--- Leon Lin <[log in to unmask]> xiè le:

> These have been confusing me to the point that I
> start to try to figure them out in public. People
> sometimes stare at me when I repeat a phoneme/word
> over and over again.

Yeah, know what you mean. It's embarrassing, when you
think you know something, and find out you don't!

> 1. Do voiced plosives and affricates exist in
> Mandarin?

No, and you're absolutely right about Pinyin /b d g z
zh j/ being unaspirated unvoiced plosives. To English
ears, those sound voiced, because voicing is _not_ the
primary differentiator between English /b - p/ /d - t/
/g - k/ — it's aspiration and muscular effort. /b/ in
English is pronounced weakly and unaspirated, with
voicing being only a secondary feature. Chinese /b/
lacks that voicing entirely, except maybe in some

Shanghaiese has a full set of voiced plosives,
fricatives and affricates, IIRC.

> 2.1. The 3rd tone confuses me.

Ya, me too.

> 2.1.1. It is said to lower in pitch and then rise
> again, but this seems only
> to be true when the person is enunciating, speaking
> slowly, or speaking the
> character alone (as when teaching the student how to
> say it). To me it just
> falls into a very low pitch.  I feel that the 2nd
> tone is more accurately
> described with the 3rd tone's description.  Say
> di3-xia4 (below) and compare
> with di2-ren2 (enemy).

Precisely! We'll describe tones using Y.R. Chao's tone
numbers, on a scale from 1 - 5, where '5' is the
highest pitch level, and '1' is the lowest: the third
tone, in enunciated form, is /3-1-5/ or /4-1-5/.

The tone pattern for the last word in the phrase /da4
jia1 hao3/ — 'Hello, everyone', would be something
like /3-1-5/ or /3-1/, depending on dialect, formality
and whether or not the phrase is at the end of the

> 2.1.2 The 3rd tone seems to change into the second
> tone when it is followed
> by another character of the third tone: say
> yong3-yuan3 (forever, eternal).

Again, right on! The third tone becomes phonetically
identical to the second tone when it's followed by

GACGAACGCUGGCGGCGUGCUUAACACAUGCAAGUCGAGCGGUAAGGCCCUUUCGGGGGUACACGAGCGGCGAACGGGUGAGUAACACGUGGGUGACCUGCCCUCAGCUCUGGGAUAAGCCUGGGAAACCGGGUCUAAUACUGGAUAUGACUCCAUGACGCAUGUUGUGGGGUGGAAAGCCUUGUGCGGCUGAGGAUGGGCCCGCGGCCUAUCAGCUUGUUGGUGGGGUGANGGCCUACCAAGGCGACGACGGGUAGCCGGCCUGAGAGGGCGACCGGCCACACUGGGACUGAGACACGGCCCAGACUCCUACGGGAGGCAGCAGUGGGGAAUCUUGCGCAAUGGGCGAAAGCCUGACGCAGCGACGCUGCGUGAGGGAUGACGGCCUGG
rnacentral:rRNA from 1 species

another third tone. /yong3yuan3/ would have the tone
pattern /35-315/.

> 2.2. After repeating the 4th tone over and over, I
> still do not see how it
> 'falls'. It just seems to be a shorter version of
> the 1st tone, sort of like
> the difference in the length of the a's in "man" and
> "hat".  This also
> applies to other tonal languages, which seem to have
> all these tones but to
> me just sound like vowel length.

The tones do vary in their effects on vowel length;
the third and first tones seem to be the longest,
while the fourth tone seems to be the shortest. In
fact, that's how my ears detect the difference between
the third and fourth tones in speech: I still can't
pick up on the subtle difference between tones three
and four when the third tone is 'clipped', as I
described before.

> 3. Final pinyin /e/ does not seem to be pure, but
> with a unrounded central
> semivowel glide into it (I've heard people say that
> research has yet to find
> a language with a central semivowel). This glide
> seems to be a semivowelized
> unrounded high central vowel, described on the
> Ithkuil page as, "an obscure
> vowel found in Turkish and Japanese". (According to
> Wikipedia, it exists in
> Spanish and Korean as well (and IMO in Mandarin,
> too))  X-Sampa [M] or [M\]. 
> To see why I feel it isn't "pure", say first part of
> the word "suppose"
> (don't say the "ppose" part). This is quite
> different from the sound found
> in se4, as in yan2-se4 (color). 

[MV] or [i\V], or something like that. High unrounded
central/back vowel with a schwa offglide. However,
that's not really how I hear it pronounced when it's
with a final consonant; the vowels in /se/ and /sen/
sound different to me. The first sounds like [si\V],
while the second sounds more like [sVn], where that
crazy diphthong seems to have levelled out a bit.

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